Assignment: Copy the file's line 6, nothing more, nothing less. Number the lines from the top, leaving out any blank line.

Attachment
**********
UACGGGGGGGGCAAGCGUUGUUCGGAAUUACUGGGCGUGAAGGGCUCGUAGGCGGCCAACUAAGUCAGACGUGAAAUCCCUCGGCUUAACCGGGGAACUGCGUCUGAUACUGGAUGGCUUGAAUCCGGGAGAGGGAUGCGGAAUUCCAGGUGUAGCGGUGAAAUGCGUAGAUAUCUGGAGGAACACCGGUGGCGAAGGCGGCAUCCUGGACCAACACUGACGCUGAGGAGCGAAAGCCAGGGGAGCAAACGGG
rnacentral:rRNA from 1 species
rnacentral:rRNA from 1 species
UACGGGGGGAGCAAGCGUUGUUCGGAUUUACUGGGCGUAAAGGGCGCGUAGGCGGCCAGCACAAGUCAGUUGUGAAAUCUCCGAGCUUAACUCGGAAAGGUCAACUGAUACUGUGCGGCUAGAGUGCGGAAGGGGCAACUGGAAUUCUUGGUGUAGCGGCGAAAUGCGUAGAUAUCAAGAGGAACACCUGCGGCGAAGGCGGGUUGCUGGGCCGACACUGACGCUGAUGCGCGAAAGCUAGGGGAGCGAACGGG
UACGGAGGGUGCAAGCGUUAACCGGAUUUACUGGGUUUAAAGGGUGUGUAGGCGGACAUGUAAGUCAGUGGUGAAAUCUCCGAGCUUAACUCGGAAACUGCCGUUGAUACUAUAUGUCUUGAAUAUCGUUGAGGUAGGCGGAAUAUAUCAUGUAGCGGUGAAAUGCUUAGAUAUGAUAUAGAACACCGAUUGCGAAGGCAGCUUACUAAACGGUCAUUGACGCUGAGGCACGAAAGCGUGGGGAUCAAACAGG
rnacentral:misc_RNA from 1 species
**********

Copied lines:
rnacentral:misc_RNA from 1 species